New York

A look at the biggest cuts in NY state budget

I agree with you in the statement that Medicaid is needed and that people will talk sh*t about it until they need it. I also agree that to cut Medicaid would hurt the health care industry. (Though Medicaid's reimbursements to companies/institut ions that provide medical services are very low anyway.) However, that's only because it's to the point now where so many people (who don't need it) are dependent on it. Unfortunately, it is obscenely abused by people who don't really 'need' it but who live off it nonetheless. I can't tell you how many houses I go to that have little or no furniture but a TV fit for a drive-in movie spot, a nice car in the driveway, and eventually the Mastercaid card is brandished. Then, instead of them driving that car somewhere, they go by ambulance (which we all pay for) to the hospital to be treated for stuff like stuffy noses and toothaches. No I'm not kidding and it happens alllllll the time. I'm not heartless...I know people legitimately need help, but if I could only tell you half the stories I have about abuse of the system. It's disgusting. People know how to milk the system...it's become an art form. Why work and help yourself when there are thousands of working taxpayers that support you? And at the same time, I know people who have jobs, but because of unforeseen circumstances, they can't pay their bills and barely get by. Do they get assistance? Nope...they make...waiiiit for it... too much money. Welfare was designed to help people help themselves...not for them to live off it. Obviously people with certain handicaps (downs, etc) need the support...but that's what it's there for. Not to keep the baby factory pumping out kids in the city when Mom can't afford what she's already got. I don't know what the answer is. I think some personal responsibility and ethics would go a long way but there's no way to enforce any of that. Health care is a black hole for a lot of our money. Reforming medicaid to stop rewarding system leeches would go a long way I think.  (Dec 17, 2008 | post #12)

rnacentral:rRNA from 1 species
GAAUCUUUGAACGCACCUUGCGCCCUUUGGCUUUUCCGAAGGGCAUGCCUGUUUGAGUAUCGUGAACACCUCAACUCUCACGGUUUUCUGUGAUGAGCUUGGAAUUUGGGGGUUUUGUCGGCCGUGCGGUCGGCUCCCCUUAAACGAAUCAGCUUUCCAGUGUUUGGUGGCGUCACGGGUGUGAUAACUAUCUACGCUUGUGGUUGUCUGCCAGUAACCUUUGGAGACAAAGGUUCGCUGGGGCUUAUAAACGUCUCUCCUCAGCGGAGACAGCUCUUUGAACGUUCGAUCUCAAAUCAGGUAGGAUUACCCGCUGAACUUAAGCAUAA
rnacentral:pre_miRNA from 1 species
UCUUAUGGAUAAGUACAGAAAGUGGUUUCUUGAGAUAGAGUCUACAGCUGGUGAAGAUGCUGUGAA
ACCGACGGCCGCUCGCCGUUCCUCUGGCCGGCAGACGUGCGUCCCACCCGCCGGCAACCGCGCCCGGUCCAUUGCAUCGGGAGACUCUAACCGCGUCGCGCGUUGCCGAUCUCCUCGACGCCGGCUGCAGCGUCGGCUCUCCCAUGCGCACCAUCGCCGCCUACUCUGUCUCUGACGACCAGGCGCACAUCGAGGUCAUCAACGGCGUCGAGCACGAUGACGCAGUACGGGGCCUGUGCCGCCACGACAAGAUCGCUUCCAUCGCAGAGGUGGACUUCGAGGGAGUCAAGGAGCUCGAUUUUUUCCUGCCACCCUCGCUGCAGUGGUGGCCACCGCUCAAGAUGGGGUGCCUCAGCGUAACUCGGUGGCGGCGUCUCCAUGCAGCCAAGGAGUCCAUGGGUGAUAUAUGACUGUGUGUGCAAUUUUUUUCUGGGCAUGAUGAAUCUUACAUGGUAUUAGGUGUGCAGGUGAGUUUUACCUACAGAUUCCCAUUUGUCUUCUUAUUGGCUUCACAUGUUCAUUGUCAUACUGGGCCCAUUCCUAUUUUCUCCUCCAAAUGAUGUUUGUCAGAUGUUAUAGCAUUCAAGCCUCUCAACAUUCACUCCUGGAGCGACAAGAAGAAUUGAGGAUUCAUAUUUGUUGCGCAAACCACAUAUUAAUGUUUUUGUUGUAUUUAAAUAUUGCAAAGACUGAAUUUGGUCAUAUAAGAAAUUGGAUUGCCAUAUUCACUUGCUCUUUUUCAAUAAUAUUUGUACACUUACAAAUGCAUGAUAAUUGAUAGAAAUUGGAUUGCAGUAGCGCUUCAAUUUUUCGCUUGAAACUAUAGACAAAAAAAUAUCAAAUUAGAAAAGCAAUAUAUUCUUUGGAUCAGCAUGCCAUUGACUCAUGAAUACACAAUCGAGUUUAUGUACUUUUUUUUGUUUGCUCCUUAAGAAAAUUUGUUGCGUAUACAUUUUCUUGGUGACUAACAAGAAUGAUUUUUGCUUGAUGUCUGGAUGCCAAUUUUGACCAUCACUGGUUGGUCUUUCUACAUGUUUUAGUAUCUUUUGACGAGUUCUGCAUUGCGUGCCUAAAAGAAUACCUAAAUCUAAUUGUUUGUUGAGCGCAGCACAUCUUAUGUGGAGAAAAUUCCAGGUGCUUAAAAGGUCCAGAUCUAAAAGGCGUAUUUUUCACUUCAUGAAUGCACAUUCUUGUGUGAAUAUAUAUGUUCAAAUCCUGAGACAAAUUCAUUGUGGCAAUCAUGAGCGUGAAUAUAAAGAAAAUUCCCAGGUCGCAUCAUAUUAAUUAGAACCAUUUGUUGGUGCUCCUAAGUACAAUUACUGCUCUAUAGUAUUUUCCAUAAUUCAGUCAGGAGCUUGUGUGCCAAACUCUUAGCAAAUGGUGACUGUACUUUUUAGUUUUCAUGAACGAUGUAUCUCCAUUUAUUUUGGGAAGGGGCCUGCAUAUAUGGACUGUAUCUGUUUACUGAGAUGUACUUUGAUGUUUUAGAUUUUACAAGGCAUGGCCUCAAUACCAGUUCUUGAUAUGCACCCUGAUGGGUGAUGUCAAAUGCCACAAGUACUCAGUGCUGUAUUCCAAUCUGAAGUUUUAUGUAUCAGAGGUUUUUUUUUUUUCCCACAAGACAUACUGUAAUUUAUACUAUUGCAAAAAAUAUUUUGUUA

WIVB Buffalo

Hard hits in Paterson's budget

And as a classic example of how this state wastes absurd amounts of money by continuing to finance broken systems... guy called 911 last night saying he needed to be seen for something that could have been taken care of at a pharmacy. The real reason for calling was for us to take him across the city so it would be easier for him to take a bus up north...he came right out and told us. The kicker: we can't refuse to take these people where they want to go. Guess who paid for it? We did. Mastercaid...accep ted everywhere. Fix the broken systems that our tax dollars support. Work harder and pay more taxes...thousands of people on welfare depend on it.  (Dec 17, 2008 | post #17)